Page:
Study: Dirty windows aid air pollution

May 14, 2007

Canadian scientists have determined dirty windows located in metropolitan urban areas might be hidden contributors to air pollution.

J.D. Donaldson and colleagues at the University of Toronto said the grime that accumulates on windows -- as well as buildings, roads and other surfaces in urban areas -- could be an important source of nitrogen oxide air pollutants that combine with other air pollutants to form smog.

In the study, Donaldson and his team focused on urban surface films, often termed "window grime," as a potential contributor to air pollution. The films contain nitrogen compounds, which disappear at rates that can't be explained by obvious losses due to rain washout. In addition, traditional models of urban air pollution suggest the existence of an unrecognized source for a nitrogen compound involved in smog formation.

The study presents experimental evidence suggesting windows and other surfaces in urban areas may be sites where "inactive" nitrogen oxides might be transformed into "active" forms and be released into the atmosphere. That transformation might occur in a process triggered by sunlight shining on film-covered surfaces, the scientists said.

The research is to be published in the June 15 issue of the journal Environmental Science & Technology.

Copyright 2007 by United Press International

Explore further: Great Barrier Reef stays on UN watch list

Related Stories

Shedding light on untapped information in photons

May 25, 2015

Conventional optical imaging systems today largely limit themselves to the measurement of light intensity, providing two-dimensional renderings of three-dimensional scenes and ignoring significant amounts ...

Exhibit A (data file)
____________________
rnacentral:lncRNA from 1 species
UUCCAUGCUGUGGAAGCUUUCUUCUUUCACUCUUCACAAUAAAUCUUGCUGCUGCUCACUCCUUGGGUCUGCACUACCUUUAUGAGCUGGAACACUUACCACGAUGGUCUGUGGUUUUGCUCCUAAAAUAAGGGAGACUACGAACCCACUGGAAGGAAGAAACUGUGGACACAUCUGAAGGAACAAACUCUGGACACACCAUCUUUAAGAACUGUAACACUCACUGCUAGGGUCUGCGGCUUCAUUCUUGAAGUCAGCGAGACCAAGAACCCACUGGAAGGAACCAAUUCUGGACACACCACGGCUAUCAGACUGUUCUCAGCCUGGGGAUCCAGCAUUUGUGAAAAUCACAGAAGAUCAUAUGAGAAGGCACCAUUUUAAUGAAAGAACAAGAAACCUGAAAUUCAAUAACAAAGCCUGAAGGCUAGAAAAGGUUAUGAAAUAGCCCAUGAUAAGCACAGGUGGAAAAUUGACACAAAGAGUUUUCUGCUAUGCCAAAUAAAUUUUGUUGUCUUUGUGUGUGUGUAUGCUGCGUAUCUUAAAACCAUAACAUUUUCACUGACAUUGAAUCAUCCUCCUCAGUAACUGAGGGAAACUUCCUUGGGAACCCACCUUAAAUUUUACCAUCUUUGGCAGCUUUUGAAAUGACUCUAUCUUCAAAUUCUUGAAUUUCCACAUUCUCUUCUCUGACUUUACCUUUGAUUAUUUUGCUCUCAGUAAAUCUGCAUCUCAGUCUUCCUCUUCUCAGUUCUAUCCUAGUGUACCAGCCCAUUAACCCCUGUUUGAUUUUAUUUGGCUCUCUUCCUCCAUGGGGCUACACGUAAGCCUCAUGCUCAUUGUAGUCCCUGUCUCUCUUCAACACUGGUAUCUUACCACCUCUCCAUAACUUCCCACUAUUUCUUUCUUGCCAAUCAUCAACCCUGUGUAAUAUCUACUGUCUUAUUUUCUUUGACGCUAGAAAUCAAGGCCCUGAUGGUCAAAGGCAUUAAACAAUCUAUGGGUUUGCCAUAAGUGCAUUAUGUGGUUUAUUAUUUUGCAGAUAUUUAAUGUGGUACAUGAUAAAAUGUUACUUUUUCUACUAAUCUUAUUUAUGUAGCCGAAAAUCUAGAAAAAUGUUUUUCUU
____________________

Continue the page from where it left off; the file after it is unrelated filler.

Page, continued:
Clean smell doesn't always mean clean air

Oct 29, 2014

Some of the same chemical reactions that occur in the atmosphere as a result of smog and ozone are actually taking place in your house while you are cleaning. A researcher in Drexel's College of Engineering ...

Using sound to picture the world in a new way

Oct 22, 2014

Have you ever thought about using acoustics to collect data? The EAR-IT project has explored this possibility with various pioneering applications that impact on our daily lives. Monitoring traffic density ...

Recommended for you

Great Barrier Reef stays on UN watch list

3 hours ago

The Great Barrier Reef will remain under surveillance but not be listed as endangered, according to a draft recommendation to the UN's World Heritage Committee, published on Friday.

Food or fuel? How about both?

7 hours ago

In the United States, federal mandates to produce more renewable fuels, especially biofuels, have led to a growing debate: Should fuel or food grow on arable land? Recent research shows farmers can successfully, ...

Using desalination to address drought

7 hours ago

"It's a very interesting time in the water industry," says Carlos Riva '75, CEO of Poseidon Water, a company that is drawing attention as it develops, in Southern California, what will be the largest seawater ...

User comments : 0

Please sign in to add a comment. Registration is free, and takes less than a minute. Read more

Click here to reset your password.
Sign in to get notified via email when new comments are made.